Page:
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A question on substitution in predicate logic

Mathelogician

Member
Aug 6, 2012
35
Hi everybody!
I am confused about what is the role of the condition " xdoesn't belong to FV(phi)" in theorems like (i),(ii) or similarly in (iii) and (iv) .
I know that the philosophy of the condition "the variable z's being free for x in phi" is to avoid the phenomenon that a free variable turn to be bound after aubstituation. But i certainly don't get the point of the first type conditions!
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Any help would be thanked; the more precise one, the deeper one!!
Note: FV(phi):= the set of free variables of phi ; and i am using Van Dalen's Logic and structure.
 

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Evgeny.Makarov

Well-known member
MHB Math Scholar
Jan 30, 2012
2,493
The reason for the requirement in (i) and (ii) is trivial. The convention in van Dalen is that quantifiers bind more strongly than binary connectives, so (i) means \[\models (\forall x\,\varphi)\leftrightarrow\phi. \tag{*}\] Now, suppose that $x$ is the only free variable in $\varphi$. Then the left-hand side of the equivalence is a closed formula, while the right-hand side has a free $x$. Common sense says that this cannot be a law that holds for all possible $\varphi$. Strictly speaking, under the assumption above (*) may hold for some $\varphi$ because it means \[\models\forall x\, ((\forall x\, \varphi)\leftrightarrow\phi). \tag{**}\] For example, (**) holds when $\varphi$ is $x=0\lor x\ne0$. However, (**) is also false for some $\varphi$, for example, $x=0$. Formally, the condition $x\notin FV(\varphi)$ is used in the proof of (i) and (ii): under this condition, $\varphi[\bar{a}/x]$ is $\varphi$, so \begin{align*}[\![\forall x\,\varphi]\!]_{\mathfrak{A}} :&= \min\{[\![\varphi[\bar{a}/x]]\!]_{\mathfrak{A}} \mid a\in|\mathfrak{A}|\}\\ &= \min\{[\![\varphi]\!]_{\mathfrak{A}} \mid a\in|\mathfrak{A}|\\ &= [\![\varphi]\!]_{\mathfrak{A}}\end{align*}

For (iii) and (iv), I'll just give counterexamples. If $t=x+z$, then $t[0/x]=0+z$, but $t[z/x][0/z]=(z+z)[0/z]=0+0$. A similar thing happens when $\varphi$ is $x+z=0$.

P.S. I did not notice before something that looks like $\Psi$ on the Iranian flag. (Smile) I know that mathematics is done at a pretty high level in Iran.
 

Mathelogician

Member
Aug 6, 2012
35
Thanks my friend Evgeny!
I think i got the point (Certainly got the Forml reason at least!) for (i) and (ii).
Though i got the counter examples for (iii) and (iv), a more in deph and formlistic explaination would be more helpful; because as i get toward in Van Dalen's paper, i see more and more uses of such conditions!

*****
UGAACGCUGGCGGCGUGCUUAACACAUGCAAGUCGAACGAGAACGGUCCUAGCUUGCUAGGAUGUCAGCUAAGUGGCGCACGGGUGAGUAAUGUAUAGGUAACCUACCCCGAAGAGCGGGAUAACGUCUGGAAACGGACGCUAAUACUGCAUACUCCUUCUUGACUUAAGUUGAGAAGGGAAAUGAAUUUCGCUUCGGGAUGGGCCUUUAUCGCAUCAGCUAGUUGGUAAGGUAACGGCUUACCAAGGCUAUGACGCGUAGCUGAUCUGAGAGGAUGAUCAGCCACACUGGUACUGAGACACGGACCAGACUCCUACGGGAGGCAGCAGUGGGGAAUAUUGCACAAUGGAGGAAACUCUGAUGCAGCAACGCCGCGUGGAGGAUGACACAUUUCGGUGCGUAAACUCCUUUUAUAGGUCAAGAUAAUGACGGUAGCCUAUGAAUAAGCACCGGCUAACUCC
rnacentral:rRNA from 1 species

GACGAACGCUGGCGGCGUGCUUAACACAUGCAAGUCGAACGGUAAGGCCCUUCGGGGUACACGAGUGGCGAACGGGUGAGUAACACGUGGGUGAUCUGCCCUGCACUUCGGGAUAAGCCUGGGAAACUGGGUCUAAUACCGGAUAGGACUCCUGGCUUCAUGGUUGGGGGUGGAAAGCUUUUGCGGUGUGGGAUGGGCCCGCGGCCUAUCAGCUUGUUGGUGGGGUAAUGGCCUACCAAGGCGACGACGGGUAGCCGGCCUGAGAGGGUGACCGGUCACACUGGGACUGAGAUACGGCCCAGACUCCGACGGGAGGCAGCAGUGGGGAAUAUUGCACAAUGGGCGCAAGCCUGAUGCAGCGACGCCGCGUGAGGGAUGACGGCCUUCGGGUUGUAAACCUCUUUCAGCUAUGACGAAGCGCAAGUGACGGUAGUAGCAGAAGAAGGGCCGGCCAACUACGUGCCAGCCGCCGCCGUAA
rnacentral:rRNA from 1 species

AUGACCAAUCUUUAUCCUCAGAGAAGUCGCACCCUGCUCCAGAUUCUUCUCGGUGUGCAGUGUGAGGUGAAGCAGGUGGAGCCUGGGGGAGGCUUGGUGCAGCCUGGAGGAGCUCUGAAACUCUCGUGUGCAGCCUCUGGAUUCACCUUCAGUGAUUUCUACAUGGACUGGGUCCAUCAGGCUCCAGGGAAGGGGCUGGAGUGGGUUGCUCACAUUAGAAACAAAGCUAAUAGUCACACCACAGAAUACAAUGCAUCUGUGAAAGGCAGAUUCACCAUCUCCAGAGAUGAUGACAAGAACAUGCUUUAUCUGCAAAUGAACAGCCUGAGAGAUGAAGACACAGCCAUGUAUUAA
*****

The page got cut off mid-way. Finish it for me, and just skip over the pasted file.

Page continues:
And about the flag: That sign is an artistic form of the for the word "Allah-الله"(= God, originally Arabic ; and used in Islamic tradition) written in symmetric form; used after the islamic revoloution of iran instead of a "Lion-Sun" sign!
 

Evgeny.Makarov

Well-known member
MHB Math Scholar
Jan 30, 2012
2,493
Though i got the counter examples for (iii) and (iv), a more in deph and formlistic explaination would be more helpful; because as i get toward in Van Dalen's paper, i see more and more uses of such conditions!
There is nothing tricky here. I am not sure whether you need more intuition about this fact or you need a formal proof. If the former, then you just need to imagine a string of letters, including several x's, written on paper. First you replace all x's with z's and then you replace all z's with a's. The result, obviously, is the same as if you replaced all x's with a's, unless you had z's along with x's in the beginning. In that case, you would replace not only x's, but the original z's as well (during the second step, i.e., when you replaced all z's with a's).

And if you need a "more in-depth and formal explanation", as you write, then you need to look at the proofs of these properties in the book and ask questions here if necessary. In the fourth edition (2008), properties (iii) and (iv) (Corollary 2.5.5) follow from much more flexible and useful property \[(t[s/x])[r/y] = (t[r/y])[s[r/y]/x]\tag{*}\]
when $x\notin FV(r)$ (Lemma 2.5.4), which has a detailed proof. Indeed, set $s=z$ and $r=\bar{a}$; then (*) says \[t[z/x][\bar{a}/z] =t[\bar{a}/z][z[\bar{a}/z]/x] = (\text{since}\ z\notin FV(t))\ t[z[\bar{a}/z]/x] =t[\bar{a}/x].\] It does take some time to develop intuition about (*), but again it is possible by thinking about strings of letters on paper.
 

Mathelogician

Member
Aug 6, 2012
35
Thanks again;
I feel better now at least about the intuition i got!